John Rathjen, who is engaged in general farming near Banta in San Joaquin county, where he owns and operates three hundred and twenty acres of land, on which he has made his home since 1872, is a representative of that class of worthy citizens that Germany has furnished to the new world. He is a native of Holstein, Germany, born on the 21st of September, 1843, and his parents were also born in the same locality. The father, Hans N. Rathjen, remained a resident of the old world until 1872, when, leaving his native country, he crossed the Atlantic to America and spent his last days in Nabraska, his death occurring in Washington county, that state, on the 17th of October, 1903.
In the fatherland John Rathjen spent the days of his boyhood and youth and acquired a fair education in his native language. Experience and observation have added greatly to his knowledge and given him broad practical information that has enabled him to successfully transact his business affairs. It was in 1865 that he sailed for the United States and made his way to Scott county, Iowa, where he remained for a short time. After visiting various portions of the west he came to California in 1868, settling in San Joaquin county, and in 1872 he took up his abode upon his present ranch, where he has remained continuously since, covering a period of thrity-two consecutive years. Here he has three hundred and twenty acres devoted to the raising of grain and annually harvests rich crops. His labors are devoted untiringly to the improvement of his farm and the cultivation of his fields, and whatever success he has achieved has resulted directly from his own efforts.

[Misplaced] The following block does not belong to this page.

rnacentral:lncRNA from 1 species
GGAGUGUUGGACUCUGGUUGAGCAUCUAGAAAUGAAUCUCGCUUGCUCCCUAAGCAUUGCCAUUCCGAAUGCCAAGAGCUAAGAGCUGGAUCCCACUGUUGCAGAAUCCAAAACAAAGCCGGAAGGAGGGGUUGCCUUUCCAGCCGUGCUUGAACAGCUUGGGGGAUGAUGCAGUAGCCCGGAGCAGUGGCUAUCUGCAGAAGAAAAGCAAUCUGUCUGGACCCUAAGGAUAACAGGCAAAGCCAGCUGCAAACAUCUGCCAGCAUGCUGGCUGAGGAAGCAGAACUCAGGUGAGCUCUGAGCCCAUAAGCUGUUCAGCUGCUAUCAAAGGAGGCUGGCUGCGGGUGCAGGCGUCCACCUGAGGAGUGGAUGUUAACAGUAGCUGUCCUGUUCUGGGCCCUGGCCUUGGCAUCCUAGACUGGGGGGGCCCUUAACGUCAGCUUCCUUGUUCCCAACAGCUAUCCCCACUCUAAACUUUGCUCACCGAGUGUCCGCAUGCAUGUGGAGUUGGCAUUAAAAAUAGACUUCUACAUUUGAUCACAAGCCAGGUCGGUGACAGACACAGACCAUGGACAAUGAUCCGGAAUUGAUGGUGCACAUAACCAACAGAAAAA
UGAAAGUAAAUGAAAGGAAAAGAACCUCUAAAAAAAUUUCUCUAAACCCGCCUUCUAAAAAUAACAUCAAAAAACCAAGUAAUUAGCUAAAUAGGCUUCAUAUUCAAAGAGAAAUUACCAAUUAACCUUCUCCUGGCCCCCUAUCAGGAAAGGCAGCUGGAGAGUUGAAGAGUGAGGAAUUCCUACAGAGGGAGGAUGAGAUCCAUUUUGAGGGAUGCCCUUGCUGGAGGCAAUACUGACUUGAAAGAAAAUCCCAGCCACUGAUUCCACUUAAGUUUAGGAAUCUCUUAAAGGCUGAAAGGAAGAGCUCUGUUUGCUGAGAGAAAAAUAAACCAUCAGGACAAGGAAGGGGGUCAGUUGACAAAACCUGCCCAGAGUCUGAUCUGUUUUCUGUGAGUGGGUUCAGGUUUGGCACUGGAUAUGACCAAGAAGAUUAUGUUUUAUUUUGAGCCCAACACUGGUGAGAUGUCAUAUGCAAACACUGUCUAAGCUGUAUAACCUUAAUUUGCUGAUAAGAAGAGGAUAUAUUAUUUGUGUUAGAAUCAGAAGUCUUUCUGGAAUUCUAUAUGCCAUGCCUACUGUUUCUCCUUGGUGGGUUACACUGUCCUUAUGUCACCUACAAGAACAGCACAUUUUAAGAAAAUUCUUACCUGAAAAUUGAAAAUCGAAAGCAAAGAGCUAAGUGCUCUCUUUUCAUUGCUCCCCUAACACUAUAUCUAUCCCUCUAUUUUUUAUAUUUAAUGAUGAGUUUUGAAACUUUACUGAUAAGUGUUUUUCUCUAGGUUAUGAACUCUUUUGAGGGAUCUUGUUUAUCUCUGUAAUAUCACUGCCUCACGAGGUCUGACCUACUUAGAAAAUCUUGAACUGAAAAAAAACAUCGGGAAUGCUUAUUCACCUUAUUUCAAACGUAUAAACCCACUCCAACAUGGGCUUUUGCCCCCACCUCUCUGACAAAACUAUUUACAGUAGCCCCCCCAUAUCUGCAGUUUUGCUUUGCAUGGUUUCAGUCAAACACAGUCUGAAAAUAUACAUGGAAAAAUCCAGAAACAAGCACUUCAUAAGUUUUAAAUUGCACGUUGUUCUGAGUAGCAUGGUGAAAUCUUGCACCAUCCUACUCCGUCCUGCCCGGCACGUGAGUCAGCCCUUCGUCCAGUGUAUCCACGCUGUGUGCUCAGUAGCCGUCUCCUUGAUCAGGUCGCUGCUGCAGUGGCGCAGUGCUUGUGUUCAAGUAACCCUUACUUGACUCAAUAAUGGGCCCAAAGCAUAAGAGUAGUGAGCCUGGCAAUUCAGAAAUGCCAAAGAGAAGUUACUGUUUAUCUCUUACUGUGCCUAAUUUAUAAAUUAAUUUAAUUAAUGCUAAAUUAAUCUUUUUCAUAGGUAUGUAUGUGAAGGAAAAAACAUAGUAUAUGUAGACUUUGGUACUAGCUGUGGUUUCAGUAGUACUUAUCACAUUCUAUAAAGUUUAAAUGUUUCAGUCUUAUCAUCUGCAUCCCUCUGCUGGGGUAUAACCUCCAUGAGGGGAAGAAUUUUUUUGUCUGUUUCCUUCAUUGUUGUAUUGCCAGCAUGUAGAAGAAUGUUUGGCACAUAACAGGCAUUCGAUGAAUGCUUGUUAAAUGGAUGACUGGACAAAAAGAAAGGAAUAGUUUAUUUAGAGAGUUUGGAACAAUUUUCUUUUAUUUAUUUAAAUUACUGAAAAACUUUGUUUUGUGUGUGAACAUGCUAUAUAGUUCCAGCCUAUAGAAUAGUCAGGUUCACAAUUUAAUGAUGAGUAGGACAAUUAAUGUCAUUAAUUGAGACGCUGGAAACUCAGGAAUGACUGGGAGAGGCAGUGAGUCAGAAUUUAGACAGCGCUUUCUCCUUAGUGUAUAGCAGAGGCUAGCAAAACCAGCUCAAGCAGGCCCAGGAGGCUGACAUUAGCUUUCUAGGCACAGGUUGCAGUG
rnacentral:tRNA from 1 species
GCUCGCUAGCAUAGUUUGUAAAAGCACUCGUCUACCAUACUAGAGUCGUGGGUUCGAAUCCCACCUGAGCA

On the 24th of March, 1879, Mr. Rathjen was married to Miss Gesine Hilken, who was born in San Francisco, California, and is a daughter of John Hilken, late of San Joaquin county. To Mr. and Mrs. Rathjen have been born six children: Clara; Fredericka, who is the wife of Walter McArdle, of Banta, California; John; Charles; Amy; and Ida. Mr. Rathjen has never sought to figure in any public light, caring not for political preferment or anything else what would cause him to occupy a place in public attention, but he has the qualities of the good and loyal citizen, who upholds the business interests and stability of his county. He feels that he made a wise choice when he determined to make his home here, for he has improved business opportunities that have led to success.
Source: History of the New California Its Resources and People, Volume II
The Lewis Publishing Company - 1905
Edited by Leigh H. Irvine
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